Home brewing is a popular hobby and one being taken up more and more during the recession, likewise with people being made redundant they are often venturing into new territory by starting their own businesses.

the_brewery_process

That’s not where the similarities end of course, the processes share far more similarities than you might think.

 

  1. Start up costs

Brewing your own beer is fairly cheap, but the initial costs for equipment and ingredients can seem pricey, particularly when you know that returns are far off. These costs are inevitable  but worth it for the thirst quenching result at the end.

 

  1. Don’t Rush it

Beer must be left to brew for the optimum amount of time. Similarly, a business can’t be rushed. Keeping to deadlines is a great plan, in theory, but when set backs occur you can’t be expected to rush to keep to the deadline, just wait until it’s ready.

 

  1. Brand Identity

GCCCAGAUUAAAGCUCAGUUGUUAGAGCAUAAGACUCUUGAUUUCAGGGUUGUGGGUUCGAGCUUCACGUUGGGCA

Once beer is ready to be bottled and sold it needs a brand; something to distinguish it from other beers. Is it going to be in a normal bottle? Is it aimed at the young, the old, or both?  Don’t push your new business until it’s brand identity has been decided. Which direction are you going in? Once it’s decided why not get some customized clothing to match your brand to help you publicise in and out of work.

 

  1. Launch

Beer festivals are perfect for a discerning audience for a new beer and launch parties work well for businesses.Do your research and invite beer drinkers, ie, your target audience of potential clients to be the first to sample what you do.

 

  1. ROI

Begin reaping the rewards. Sit back and drink your beer, well, not quite. Appreciate the business, its strengths and weaknesses and begin investing that into more hops and barely, a bigger tankard, expanding your business.

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